More niche and specialty made-in-Manitoba products will catch the eye of customers with the launch of 60 additional new products through the provincial Buy Manitoba program.
The Manitoba Food Processors Association (MFPA) has helped Red River Co-op stores in Winnipeg link up with more than a dozen local food companies.
It means new exposure for 17 additional food processors and more awareness for consumers about the food products being created right here at home, said MFPA staff.
“Our goal is to put more Manitoba food on Manitobans’ plates, and our new partnership with Red River Co-op is assisting us in making a huge leap in that direction,” said Jennifer Strath, manager of the Buy Manitoba program.
The Red River Co-op unveiled its Buy Manitoba initiative on its first anniversary after buying four grocery stores from Canada Safeway last spring.
The stores will now carry made-in-Manitoba products such as the gourmet dips and sauces of Bessie’s Best gourmet dips and sauces, new dairy products such as Cornell Creme specialty ice creams, and a fresh soft cheese maker Dairy Fairy, plus products from companies such as Neva Hydroponic Farm and Prairie Flour Mills.
Smak Dab Gourmet Foods is another new product line on the Co-ops’ shelves. It’s a big leap forward for the entrepreneur who created them. Carly Minish made her debut as a Manitoba food maker only last summer at farmers’ markets.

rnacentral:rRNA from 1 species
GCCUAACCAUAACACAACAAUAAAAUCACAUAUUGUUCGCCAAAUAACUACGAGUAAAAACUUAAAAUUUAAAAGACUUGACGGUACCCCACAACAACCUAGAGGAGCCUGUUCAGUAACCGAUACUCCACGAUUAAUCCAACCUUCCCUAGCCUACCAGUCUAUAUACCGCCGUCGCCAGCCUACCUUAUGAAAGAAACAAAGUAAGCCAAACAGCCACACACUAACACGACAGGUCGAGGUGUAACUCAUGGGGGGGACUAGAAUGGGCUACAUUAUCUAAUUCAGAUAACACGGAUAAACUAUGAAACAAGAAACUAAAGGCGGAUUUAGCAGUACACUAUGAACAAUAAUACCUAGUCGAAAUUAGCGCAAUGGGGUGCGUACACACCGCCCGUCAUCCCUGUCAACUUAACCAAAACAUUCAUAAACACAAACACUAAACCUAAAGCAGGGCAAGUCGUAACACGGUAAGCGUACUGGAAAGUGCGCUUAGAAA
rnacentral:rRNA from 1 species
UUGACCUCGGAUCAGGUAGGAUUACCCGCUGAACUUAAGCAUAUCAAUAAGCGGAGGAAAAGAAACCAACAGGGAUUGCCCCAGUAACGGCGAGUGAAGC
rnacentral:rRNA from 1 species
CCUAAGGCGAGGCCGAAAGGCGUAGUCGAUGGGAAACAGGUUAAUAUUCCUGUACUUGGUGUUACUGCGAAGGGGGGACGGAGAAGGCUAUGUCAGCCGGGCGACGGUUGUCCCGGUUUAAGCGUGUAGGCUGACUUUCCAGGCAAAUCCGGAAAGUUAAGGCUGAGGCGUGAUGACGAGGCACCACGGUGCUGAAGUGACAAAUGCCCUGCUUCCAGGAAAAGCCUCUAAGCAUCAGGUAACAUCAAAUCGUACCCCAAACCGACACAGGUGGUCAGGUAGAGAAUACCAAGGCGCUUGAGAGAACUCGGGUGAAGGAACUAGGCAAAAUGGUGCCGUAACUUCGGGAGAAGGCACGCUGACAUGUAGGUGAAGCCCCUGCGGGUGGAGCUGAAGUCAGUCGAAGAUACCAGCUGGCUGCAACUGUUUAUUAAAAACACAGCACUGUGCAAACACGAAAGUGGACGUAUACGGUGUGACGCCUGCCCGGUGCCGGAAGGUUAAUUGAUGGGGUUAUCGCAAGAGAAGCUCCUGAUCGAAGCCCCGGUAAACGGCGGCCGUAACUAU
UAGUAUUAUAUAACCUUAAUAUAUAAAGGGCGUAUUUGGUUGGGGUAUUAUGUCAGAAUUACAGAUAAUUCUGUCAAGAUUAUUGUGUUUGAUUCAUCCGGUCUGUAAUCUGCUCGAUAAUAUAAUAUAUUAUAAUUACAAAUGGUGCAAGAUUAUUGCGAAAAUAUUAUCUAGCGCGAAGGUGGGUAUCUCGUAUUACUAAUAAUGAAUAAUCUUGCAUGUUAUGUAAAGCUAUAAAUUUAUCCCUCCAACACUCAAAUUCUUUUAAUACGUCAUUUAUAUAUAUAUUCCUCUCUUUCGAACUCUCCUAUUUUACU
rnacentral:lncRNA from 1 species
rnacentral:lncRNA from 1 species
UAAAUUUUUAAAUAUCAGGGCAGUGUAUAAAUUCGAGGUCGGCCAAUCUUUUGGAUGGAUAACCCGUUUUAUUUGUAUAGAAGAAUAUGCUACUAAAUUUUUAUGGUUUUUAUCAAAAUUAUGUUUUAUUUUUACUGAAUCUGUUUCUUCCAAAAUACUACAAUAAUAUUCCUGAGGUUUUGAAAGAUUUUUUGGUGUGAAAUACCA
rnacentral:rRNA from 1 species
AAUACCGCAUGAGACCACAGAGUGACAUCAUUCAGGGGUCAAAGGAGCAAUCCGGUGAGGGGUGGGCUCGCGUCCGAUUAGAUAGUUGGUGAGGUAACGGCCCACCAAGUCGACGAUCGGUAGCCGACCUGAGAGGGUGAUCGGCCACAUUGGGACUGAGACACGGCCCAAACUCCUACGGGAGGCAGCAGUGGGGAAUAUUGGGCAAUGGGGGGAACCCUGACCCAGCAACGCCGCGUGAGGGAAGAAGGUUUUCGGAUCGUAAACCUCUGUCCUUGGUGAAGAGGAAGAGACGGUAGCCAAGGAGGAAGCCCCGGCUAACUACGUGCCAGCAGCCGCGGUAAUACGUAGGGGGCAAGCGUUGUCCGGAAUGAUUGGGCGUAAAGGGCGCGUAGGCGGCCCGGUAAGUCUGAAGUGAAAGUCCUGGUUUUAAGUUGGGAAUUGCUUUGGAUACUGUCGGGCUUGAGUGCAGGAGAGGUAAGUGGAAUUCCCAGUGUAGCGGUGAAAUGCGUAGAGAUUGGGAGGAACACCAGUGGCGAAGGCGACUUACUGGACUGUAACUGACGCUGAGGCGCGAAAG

“Buy Manitoba has been an especially important program for new companies like me, with advisers who have helped me navigate the ins and outs of running a food business,” said the young mustard maker.
The 300-member MFPA, a not-for-profit industry-run association, administers the Buy Manitoba program, which was rolled out in 2012 at Canada Safeway in Winnipeg. The main goal of the program is to help consumers easily identify made-in-Manitoba foods on store shelves and encourage more purchasing of processed and fresh Manitoba foods.
“One of the key reasons we are keen on helping companies get established in the Manitoba market is that it prepares them to pursue markets in the rest of Canada and potentially export markets,” said Dave Shambrock, MFPA executive director.
Approximately 120 Manitoba companies now participate in the Buy Manitoba program.
In the first two years of operation, Buy Manitoba has resulted in incremental cash register sales amounting to about $7.4 million, and an overall sales increase of about five per cent annually for the top 25 participating companies.
“Are we happy about that? Deliriously so,” said Shambrock. “A half a per cent increase in sales in our industry is huge.”
There’s potential for more uptake by more companies too.
“It comes down to how many companies in the province that are capable of selling to grocery stores. There’s a lot of discussion about that,” he said. He estimates there’s probably about 250 or more businesses that could be supplying larger stores.
This partnership forged with Red River Co-op, and MFPA working with its stores to match their product needs with Manitoba companies that could supply them is one of the ways the Buy Manitoba program is now evolving, Shambrock said.
Beyond a promotions and awareness campaign, staff supporting Buy Manitoba are now putting more time into helping small food businesses grow, he said. Eventually it would like to have programs in place to help new startups and small to medium businesses deal with the complexities of the regulatory operating environment too.
“Companies need help on all fronts, they need help with their product, with their package design, their promotion campaign, and for sure they need support in terms of regulatory understanding,” he said.